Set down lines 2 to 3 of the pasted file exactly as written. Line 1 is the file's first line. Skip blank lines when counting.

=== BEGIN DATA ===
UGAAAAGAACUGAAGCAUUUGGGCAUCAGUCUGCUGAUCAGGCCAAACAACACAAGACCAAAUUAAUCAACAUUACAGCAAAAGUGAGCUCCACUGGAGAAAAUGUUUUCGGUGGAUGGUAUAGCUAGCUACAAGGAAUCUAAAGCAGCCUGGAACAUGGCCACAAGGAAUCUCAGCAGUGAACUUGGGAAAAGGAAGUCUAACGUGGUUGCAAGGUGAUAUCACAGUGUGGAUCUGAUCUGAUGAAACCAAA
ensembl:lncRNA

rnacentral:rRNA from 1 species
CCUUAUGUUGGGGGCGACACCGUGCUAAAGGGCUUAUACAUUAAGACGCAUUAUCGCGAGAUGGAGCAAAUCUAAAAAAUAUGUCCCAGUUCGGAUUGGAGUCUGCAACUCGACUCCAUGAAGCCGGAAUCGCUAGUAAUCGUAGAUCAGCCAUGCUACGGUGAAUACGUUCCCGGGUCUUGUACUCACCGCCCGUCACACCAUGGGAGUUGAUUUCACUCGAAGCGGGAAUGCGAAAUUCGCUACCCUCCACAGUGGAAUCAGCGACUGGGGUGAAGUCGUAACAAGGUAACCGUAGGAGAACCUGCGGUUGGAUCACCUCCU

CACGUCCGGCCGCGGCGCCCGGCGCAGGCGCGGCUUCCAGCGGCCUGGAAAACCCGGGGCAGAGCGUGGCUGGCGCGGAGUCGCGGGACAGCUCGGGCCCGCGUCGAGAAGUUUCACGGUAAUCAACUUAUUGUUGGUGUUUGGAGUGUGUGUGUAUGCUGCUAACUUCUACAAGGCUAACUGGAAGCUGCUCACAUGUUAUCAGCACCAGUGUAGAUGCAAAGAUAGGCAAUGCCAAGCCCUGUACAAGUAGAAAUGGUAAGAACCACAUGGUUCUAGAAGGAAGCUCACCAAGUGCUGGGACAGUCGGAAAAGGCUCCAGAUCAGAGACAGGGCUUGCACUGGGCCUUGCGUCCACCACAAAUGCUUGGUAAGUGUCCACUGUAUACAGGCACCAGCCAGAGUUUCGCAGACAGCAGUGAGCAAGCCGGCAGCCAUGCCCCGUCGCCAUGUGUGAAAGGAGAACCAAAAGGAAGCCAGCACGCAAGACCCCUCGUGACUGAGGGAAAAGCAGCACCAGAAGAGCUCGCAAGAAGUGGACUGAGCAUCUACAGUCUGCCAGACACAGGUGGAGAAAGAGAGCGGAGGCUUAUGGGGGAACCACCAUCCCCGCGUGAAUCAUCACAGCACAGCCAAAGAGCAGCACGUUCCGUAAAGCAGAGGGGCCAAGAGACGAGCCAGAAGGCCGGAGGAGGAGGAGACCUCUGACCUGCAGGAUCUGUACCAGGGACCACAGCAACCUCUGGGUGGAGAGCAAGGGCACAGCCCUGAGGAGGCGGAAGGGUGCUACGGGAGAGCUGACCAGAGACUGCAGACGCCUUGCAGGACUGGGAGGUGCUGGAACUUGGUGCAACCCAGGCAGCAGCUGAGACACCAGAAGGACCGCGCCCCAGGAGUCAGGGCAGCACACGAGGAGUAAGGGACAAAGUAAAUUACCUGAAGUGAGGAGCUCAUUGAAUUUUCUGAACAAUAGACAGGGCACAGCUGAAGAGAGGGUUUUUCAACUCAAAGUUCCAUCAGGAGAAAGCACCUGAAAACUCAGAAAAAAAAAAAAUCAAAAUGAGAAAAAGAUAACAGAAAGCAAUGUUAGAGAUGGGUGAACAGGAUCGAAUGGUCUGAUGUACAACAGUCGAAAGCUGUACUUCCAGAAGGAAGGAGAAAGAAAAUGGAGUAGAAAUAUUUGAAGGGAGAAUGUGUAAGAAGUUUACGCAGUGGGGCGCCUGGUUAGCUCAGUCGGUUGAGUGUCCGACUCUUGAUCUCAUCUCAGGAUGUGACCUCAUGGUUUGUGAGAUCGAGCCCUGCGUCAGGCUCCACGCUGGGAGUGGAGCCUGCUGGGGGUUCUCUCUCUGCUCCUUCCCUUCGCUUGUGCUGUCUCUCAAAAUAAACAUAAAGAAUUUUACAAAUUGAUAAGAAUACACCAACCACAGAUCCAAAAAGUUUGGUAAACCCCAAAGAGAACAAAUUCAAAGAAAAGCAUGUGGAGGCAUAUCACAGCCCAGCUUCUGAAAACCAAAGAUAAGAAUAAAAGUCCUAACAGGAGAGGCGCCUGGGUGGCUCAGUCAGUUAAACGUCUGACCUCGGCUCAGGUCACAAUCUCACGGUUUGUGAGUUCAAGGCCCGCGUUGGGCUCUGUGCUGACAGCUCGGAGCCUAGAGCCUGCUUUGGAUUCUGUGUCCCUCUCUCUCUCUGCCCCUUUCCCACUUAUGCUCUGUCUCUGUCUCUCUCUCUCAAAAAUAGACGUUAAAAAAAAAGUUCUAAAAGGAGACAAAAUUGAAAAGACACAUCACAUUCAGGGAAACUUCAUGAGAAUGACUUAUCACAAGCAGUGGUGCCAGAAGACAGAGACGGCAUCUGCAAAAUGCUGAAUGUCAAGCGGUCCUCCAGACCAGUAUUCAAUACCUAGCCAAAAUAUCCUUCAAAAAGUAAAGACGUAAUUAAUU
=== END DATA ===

ensembl:lncRNA

rnacentral:rRNA from 1 species